1 October 2015
A total of five new genetic variants have been linked to glioma, which is the most common form of brain cancer.
Researchers at the Institute of Cancer Research compared the genetic profiles of 5,637 people who had developed glioma with 9,158 people without the disease. The findings bring the number of genetic variations linked to the disease to 12.
Notably, one variant was found to increase the risk of suffering from glioblastoma by 23 per cent. This is a particularly severe type of brain cancer with an average survival time of ten to 15 months. The other four variants have been associated with less lethal forms of glioma, with each increasing the risk by approximately five per cent.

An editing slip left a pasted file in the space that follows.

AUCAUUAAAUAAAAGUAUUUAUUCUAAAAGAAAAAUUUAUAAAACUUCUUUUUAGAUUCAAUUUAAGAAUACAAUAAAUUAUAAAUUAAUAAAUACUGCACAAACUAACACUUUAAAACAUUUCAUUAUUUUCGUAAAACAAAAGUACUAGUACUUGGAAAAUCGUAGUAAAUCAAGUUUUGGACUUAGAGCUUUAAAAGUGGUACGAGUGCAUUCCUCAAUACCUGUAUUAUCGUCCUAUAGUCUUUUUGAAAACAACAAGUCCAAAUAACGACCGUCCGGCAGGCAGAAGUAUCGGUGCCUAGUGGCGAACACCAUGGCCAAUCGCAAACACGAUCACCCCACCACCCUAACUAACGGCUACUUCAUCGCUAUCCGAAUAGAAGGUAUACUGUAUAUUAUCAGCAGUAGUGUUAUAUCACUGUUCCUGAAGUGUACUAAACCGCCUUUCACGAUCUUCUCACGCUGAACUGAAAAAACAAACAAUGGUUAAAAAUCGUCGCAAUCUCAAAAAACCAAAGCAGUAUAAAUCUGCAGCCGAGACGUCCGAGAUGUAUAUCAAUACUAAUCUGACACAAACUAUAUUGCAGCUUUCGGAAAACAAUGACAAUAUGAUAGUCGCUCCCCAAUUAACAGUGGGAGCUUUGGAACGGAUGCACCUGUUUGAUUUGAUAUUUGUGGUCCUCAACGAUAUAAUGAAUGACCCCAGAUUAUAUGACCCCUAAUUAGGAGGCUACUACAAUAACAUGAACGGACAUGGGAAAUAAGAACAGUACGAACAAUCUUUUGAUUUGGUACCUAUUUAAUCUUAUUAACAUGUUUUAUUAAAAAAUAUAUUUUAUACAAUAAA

Lead researcher Richard Houlston said: "We believe our study is the largest ever conducted of the genetics of glioma - the most common form of brain cancer - and it provides firm evidence that susceptibility to the disease is in part inherited.”
Posted by Jeanette Royston
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